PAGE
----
What are the best American Civil War Autobiographies that detail day to day life?

bravo30

Private
Joined
Mar 4, 2016
I’m looking for recommendations on American civil war autobiographies. I’m most interested in books detailing the day to day life leading up to battle and of course, the battles themselves with an emphasis on small unit actions. I have a rough idea on how things unfolded, I want to now experience the war on a more personal level through the eyes of individual soldiers.
 

Drew

Major
Joined
Oct 22, 2012
Well, most of the Generals wrote autobiographies that will tell you every decision each made was the correct one. But that doesn't seem to answer the mail.

John Billings (from Massachusetts, I think) was a veteran, who wrote a book called, "Hard Tack and Coffee; The Unwritten Story of Army Life."

It's not an autobiography, per se, but a view of a common Union soldier's war experience. He'll walk you through what it was like for them. You can Google and find a copy.

Another I'm partial to is called, Reminiscences of the Boys in Gray, which I've linked here for you. Confederate veterans living in Texas were asked after the turn of the 20th century to record their experiences. My own GG Grandad's is there and if you pick through the work, you may get some of the insight you're looking for.

Good luck!
 

bravo30

Private
Joined
Mar 4, 2016
I have many. I am currently reading the Personal Memoirs of General Grant during the War. Their is also a story called Fighting For the Confederacy by a veteran, as well as a story called Andersonville Diary, quite heartfelt but written by a survivor. Just some of my recommendations.

I just finished reading Eye Of The Storm. Sneden spent time in Andersonville as well as Libby and he does a decent job of describing his experiences in both prisons. Quit a shock to read how the soldiers treated each other under those extreme conditions.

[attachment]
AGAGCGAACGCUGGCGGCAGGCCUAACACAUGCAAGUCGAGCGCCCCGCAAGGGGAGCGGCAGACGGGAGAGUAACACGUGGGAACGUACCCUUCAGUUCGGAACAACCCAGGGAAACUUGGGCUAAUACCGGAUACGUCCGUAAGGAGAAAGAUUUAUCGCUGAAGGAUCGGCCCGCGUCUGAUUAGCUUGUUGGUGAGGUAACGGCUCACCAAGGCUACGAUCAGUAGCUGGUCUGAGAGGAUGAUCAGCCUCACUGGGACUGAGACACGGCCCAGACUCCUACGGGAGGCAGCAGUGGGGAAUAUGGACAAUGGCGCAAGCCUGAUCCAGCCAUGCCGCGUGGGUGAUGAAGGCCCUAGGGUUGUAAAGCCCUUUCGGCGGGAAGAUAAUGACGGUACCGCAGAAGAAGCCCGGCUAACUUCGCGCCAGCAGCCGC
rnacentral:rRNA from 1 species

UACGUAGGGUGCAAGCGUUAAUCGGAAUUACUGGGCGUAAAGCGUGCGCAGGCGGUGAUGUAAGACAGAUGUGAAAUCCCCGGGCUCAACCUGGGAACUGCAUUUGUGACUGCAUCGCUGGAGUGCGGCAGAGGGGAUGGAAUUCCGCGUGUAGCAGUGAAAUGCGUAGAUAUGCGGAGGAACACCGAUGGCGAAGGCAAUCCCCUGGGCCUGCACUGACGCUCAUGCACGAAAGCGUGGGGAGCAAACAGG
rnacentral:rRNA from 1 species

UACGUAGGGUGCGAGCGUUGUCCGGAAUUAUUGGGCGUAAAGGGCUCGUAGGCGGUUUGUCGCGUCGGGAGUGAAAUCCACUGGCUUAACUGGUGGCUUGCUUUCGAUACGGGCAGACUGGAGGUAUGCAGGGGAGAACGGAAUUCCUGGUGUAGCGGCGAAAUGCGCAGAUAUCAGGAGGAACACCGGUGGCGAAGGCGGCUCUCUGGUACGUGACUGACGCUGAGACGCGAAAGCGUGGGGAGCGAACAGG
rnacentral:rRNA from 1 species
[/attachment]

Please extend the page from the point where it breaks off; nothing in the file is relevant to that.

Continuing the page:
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bravo30

Private
Joined
Mar 4, 2016
John Billings (from Massachusetts, I think) was a veteran, who wrote a book called, "Hard Tack and Coffee; The Unwritten Story of Army Life."

It's not an autobiography, per se, but a view of a common Union soldier's war experience. He'll walk you through what it was like for them. You can Google and find a copy.

Good luck!

Just found it on Ebay for $8.49 delivered. Should be here in a few days! I’ve gotten a handful of books off of eBay recently for under $10 each.
 
Joined
Jun 7, 2021
I have many. I am currently reading the Personal Memoirs of General Grant during the War. Their is also a story called Fighting For the Confederacy by a veteran, as well as a story called Andersonville Diary, quite heartfelt but written by a survivor. Just some of my recommendations.
Grant's Memoirs get my vote too. It's really well written, easy to read, and you find out what the man was thinking, right or wrong, when he ordered things done.
 

mobile_96

First Sergeant
Joined
Feb 20, 2005
Location
Ill.
A lot of these books are free on https://archive.org/index.php There are a wealth of books now in the public domain.
I've downloaded a ton(how much does a digital ton weight?) from archive.org over the last 10 years of so. Much of it was while researching people, mostly civilian, for articles in my RT newsletter. And, I just downloaded Reminiscences of the Boys in Gray from archive.org
 

GwilymT

Sergeant Major
Joined
Aug 20, 2018
Location
Pittsburgh
A lot of these books are free on https://archive.org/index.php
There are a wealth of books now in the public domain. LibriVox audio books, also free, are a great way to listen to a book while I actually get some work done.
Thanks for pointing this out! No need to troll eBay, some of the best first hand accounts are free!
 

Fairfield

Sergeant Major
Member of the Month
Joined
Dec 5, 2019
My own absolute favorites are two by Abner R. Small: The Road to Richmond and The Sixteenth Maine. He was astute, compassionate--and had a great sense of humor. As a minor officer, his view of the war was rather different from that of generals and major figures.

I must also mention Fighting for the Confederacy by Edward Porter Alexander. Although I must admit to taking a dislike to Alexander, I must say that his account was intricate and insightful.
 
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